172 A.2d 354


No. 4911.Supreme Court of New Hampshire Strafford.Argued June 6, 1961.
Decided June 30, 1961.

1. A conservator is under a fiduciary duty to collect and honestly account for all the assets of his ward and is under the further positive duty not to use his ward’s assets for his own private profit.

2. Since by statute (RSA 464:18) conservators are “subject to all provisions of law” in force as to guardians, the duty imposed upon guardians (RSA 462:5) to “make and return a true and perfect inventory of the estate of his ward, as inventories of the estates of persons deceased are made” applies to conservators.

3. Debts due from a conservator to his ward are assets to be accounted for as other debts (RSA 554:14) and are required to be inventoried (RSA 554:1) regardless of the financial ability of the conservator to pay, and upon his failure to do so his surety is chargeable.

4. Hence certain notes, evidencing debts of the conservator to his ward due and payable on the date of the conservator’s appointment together with the interest provided for therein were held to be debts for which the conservator was accountable. An additional note due and payable after the conservator’s resignation was accepted was held not to be an asset except as to the interest provided for therein which was due and payable prior to and during the period of his conservatorship.

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5. Certain other notes carrying interest and evidencing loans made by the ward to her conservator during the period of conservatorship were held, due to the fiduciary relationship existing between the parties, to be assets for which the conservatorship was chargeable and upon nonpayment likewise renders his surety liable therefor.

PROBATE APPEALS. One was an appeal by the plaintiffs, Vinton R. Yeaton, executor under the will of Sarah A. Rollins, and F. Clyde Keefe, special administrator of her estate, from a decree of the probate court, after hearing, denying their motion to charge, Harold W. Skillings as conservator of the estate of said Sarah A. Rollins and his surety with certain items of the ward’s property and from a denial of their motion to set aside said decree.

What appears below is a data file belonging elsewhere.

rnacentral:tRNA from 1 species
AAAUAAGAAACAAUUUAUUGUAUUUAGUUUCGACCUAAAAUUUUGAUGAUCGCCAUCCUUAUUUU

The other was an appeal by defendants, Harold W. Skillings and his surety, Massachusetts Bonding Insurance Company, from a ruling of the probate court denying their motion to dismiss plaintiff’s petition.

Harold was appointed conservator of said Sarah on July 1946 and filed a bond in the amount of $50,000 with the Massachusetts Bonding Company as surety. On October 22, 1948 there were filed an inventory showing no assets and a first and final account with no receipts and no disbursements by the conservator. On November 8, 1948 Sarah filed a petition in probate court containing the following representations and prayer over her signature and under oath: “On the 18th day of July 1946, Harold W. Skillings . . . was appointed her conservator without her knowledge or consent . . . she did not then and does not now either want or need a conservator for any purpose whatsoever . . . Harold W. Skillings never as conservator took possession of any of her property or acted in said capacity in any way . . . she is now informed that the said Harold W. Skillings has filed an account in the Probate Court showing nothing received and nothing paid, Wherefore, your petitioner prays that the said conservatorship may be declared null and void, and of no effect, and terminated forthwith.” On December 7, 1948, the probate court granted the prayer of said petition and allowed said account of Harold W. Skillings with a decree of “no balance in the hands of said accountant” and his resignation as conservator was accepted. The ward died April 5, 1950.